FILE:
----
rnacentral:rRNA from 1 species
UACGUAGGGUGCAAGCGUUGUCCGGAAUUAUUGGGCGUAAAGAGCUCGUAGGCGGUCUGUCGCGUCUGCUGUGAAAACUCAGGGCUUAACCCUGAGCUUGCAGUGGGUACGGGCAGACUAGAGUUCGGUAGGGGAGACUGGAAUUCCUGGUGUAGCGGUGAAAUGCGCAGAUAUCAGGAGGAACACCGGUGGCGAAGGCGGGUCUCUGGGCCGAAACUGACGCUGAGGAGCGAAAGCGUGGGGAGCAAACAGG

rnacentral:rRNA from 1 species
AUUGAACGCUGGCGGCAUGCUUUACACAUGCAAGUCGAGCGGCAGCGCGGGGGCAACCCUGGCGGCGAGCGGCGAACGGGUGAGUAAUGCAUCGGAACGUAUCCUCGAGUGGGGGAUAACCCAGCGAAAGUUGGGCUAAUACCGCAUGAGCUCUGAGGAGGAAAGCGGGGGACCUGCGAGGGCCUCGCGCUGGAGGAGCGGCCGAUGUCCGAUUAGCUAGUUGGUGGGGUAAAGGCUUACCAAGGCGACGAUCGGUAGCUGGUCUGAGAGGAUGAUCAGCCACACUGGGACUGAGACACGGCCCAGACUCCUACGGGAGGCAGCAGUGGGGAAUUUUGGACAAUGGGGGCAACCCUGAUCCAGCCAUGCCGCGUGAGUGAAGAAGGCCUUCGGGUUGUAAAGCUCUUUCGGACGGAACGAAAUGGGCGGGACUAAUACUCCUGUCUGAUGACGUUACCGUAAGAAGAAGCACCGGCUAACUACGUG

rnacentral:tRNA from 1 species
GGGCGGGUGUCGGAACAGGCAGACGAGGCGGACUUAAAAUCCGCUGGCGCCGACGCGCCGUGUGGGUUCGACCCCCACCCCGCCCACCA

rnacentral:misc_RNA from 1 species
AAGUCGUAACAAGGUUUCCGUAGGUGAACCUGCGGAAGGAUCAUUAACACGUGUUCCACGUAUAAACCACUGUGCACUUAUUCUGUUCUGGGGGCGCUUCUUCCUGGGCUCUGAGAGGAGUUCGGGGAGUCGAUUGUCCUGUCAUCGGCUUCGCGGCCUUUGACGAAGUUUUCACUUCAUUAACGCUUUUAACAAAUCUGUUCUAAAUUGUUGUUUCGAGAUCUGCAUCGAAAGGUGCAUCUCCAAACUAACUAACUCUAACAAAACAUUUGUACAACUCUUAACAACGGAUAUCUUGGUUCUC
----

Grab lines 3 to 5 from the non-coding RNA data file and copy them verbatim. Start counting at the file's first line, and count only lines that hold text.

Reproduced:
rnacentral:rRNA from 1 species
AUUGAACGCUGGCGGCAUGCUUUACACAUGCAAGUCGAGCGGCAGCGCGGGGGCAACCCUGGCGGCGAGCGGCGAACGGGUGAGUAAUGCAUCGGAACGUAUCCUCGAGUGGGGGAUAACCCAGCGAAAGUUGGGCUAAUACCGCAUGAGCUCUGAGGAGGAAAGCGGGGGACCUGCGAGGGCCUCGCGCUGGAGGAGCGGCCGAUGUCCGAUUAGCUAGUUGGUGGGGUAAAGGCUUACCAAGGCGACGAUCGGUAGCUGGUCUGAGAGGAUGAUCAGCCACACUGGGACUGAGACACGGCCCAGACUCCUACGGGAGGCAGCAGUGGGGAAUUUUGGACAAUGGGGGCAACCCUGAUCCAGCCAUGCCGCGUGAGUGAAGAAGGCCUUCGGGUUGUAAAGCUCUUUCGGACGGAACGAAAUGGGCGGGACUAAUACUCCUGUCUGAUGACGUUACCGUAAGAAGAAGCACCGGCUAACUACGUG

rnacentral:tRNA from 1 species